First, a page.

Estimation is one of the important factors for any industry and it has a solid connection with the profitability of the business. It is important to give an estimation as close as possible to help the organization make a wise decision. Estimations are generally given in time as well as cost. Assume you are flying from New York to Los Angeles and the airline refuses to give an estimation of the cost and time; would you board the flight? Well, as a stakeholder, this is an unfavorable scenario for an investment. A similar analogy applies to software development, if stakeholders are not aware of cost and time, they will not be comfortable signing up for the project. In simple terms, this is a process to know when software is going to get delivered and what the cost will be. However, generally, business stakeholders understand the challenges associated with software estimation and are fully aware that it might change as a team proceeds further with the development process.
Reasons Behind Software Estimation Failure
Let’s define what estimation failure means. As I understand it, it's when an entire team fails to deliver committed objectives in a given time frame which ultimately has an impact on cost and impacts the product's market opportunity.
Let’s discuss why software estimation fails. It is evident in the industry that a majority of teams struggle at some point in time with regards to cost and the delivery timeframe. Whether or not they have experience with these issues, teams can still struggle.
Market Uncertainty – The market is very dynamic and it is hard to predict what is going to happen tomorrow, so it is hard to predict long-running, multi-month and multi-year projects. It is a bitter reality and every stakeholder should recognize this.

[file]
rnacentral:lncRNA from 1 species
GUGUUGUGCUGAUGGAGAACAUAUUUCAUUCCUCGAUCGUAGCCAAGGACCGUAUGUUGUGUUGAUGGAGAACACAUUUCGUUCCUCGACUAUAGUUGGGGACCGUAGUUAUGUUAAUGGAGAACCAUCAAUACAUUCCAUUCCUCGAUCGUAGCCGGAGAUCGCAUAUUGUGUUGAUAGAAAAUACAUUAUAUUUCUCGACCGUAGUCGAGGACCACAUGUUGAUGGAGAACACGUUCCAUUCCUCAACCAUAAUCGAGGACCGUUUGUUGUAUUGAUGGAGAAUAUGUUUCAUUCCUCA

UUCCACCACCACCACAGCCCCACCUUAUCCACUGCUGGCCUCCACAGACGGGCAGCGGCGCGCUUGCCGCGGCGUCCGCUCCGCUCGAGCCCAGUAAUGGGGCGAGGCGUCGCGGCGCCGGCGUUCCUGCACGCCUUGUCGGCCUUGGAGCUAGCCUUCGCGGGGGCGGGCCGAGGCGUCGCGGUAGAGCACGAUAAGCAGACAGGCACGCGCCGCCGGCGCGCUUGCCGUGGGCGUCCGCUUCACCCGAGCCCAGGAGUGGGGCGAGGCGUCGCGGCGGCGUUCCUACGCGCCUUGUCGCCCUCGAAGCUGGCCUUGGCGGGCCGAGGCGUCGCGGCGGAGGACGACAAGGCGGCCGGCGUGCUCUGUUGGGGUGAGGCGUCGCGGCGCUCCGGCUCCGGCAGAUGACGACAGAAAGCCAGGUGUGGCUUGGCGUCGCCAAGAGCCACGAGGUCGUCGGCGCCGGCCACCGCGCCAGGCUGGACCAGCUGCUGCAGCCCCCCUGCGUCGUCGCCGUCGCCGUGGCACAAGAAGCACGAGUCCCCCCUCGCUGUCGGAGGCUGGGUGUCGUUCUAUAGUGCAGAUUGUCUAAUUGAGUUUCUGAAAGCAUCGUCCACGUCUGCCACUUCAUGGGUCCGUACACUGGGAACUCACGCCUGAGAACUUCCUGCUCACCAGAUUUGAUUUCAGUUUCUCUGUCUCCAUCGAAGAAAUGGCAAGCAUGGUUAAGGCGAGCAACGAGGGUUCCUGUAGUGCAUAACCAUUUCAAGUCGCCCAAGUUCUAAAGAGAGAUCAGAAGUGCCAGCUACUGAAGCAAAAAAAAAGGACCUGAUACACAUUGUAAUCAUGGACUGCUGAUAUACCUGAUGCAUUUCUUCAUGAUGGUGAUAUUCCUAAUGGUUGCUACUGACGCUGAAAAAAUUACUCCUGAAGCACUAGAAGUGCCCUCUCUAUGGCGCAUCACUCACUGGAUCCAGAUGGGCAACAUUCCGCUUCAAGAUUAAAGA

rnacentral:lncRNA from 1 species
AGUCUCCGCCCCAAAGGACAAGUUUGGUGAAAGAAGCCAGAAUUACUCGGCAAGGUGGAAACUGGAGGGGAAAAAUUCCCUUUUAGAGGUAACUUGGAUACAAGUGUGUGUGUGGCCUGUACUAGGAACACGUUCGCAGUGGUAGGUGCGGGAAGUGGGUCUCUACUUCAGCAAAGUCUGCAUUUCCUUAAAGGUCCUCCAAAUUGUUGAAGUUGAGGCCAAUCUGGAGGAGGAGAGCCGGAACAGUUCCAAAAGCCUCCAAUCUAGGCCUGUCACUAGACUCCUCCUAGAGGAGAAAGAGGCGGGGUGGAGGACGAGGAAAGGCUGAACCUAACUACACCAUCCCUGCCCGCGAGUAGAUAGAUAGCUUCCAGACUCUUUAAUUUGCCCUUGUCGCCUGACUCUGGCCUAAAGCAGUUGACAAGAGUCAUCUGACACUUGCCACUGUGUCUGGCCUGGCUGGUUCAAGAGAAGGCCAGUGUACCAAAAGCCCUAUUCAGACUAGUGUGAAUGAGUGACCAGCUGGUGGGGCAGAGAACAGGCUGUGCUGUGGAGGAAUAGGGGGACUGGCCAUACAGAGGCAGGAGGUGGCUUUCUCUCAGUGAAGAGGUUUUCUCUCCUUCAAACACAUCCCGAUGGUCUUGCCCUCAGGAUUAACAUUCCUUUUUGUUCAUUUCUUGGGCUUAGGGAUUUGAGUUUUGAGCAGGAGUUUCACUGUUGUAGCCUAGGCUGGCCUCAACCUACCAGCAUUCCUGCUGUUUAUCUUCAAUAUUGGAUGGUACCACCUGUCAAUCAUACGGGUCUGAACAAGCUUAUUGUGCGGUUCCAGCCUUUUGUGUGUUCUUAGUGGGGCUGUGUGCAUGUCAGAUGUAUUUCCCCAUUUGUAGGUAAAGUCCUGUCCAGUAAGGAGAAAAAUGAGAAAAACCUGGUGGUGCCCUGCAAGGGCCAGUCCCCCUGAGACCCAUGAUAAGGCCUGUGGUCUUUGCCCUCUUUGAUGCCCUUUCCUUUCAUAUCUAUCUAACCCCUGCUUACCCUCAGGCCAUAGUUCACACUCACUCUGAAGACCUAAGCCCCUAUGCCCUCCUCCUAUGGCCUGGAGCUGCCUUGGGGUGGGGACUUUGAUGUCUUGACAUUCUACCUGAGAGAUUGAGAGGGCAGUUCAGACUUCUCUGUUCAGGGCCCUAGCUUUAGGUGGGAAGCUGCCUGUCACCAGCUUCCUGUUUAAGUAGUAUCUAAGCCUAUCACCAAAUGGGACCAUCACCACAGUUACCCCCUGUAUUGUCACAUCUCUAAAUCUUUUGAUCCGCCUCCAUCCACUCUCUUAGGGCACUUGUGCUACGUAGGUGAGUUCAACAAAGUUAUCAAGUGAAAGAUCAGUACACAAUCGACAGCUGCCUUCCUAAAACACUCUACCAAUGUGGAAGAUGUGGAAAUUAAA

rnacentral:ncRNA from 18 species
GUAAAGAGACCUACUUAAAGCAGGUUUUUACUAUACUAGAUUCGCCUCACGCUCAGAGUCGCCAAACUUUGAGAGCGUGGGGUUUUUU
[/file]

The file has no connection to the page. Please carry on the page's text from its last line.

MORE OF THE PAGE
Technology Change – Technology is changing very rapidly and it can have an adverse impact on the overall solution. Developments in one technology may not be effective as time goes on and sometimes can become obsolete in less than a year. Providing a team with skills training and software upgrades will cost you a significant amount of money and time.
Customers Demanding Change – In any business, the customer is king, as, ultimately, they are going to use the software. It is a very common scenario that when users start to use the software, they come up with a list of suggestions. While this can have a positive impact on the quality of the software, it will, nonetheless, mean more dev time and money spent.
Understand Estimation Perspectives
When estimating the initial effort and cost of the software, it is extremely important to understand each stakeholder’s perspective. All stakeholders have their own expectations as to what they'll get out of the estimation process. Let’s discuss each stakeholder’s perspective of what they really want out of the estimation process, as, once expectations are clearly understood, it becomes extremely easy to reach to an agreement which can work for everyone.
Business Sponsor’s Perspective - Business sponsors want to understand how much money they are going to spend and what kind of Return on Investment they can expect. If, as a team, we fail to provide this clear visibility, chances are slim that business sponsors will sign up for this project.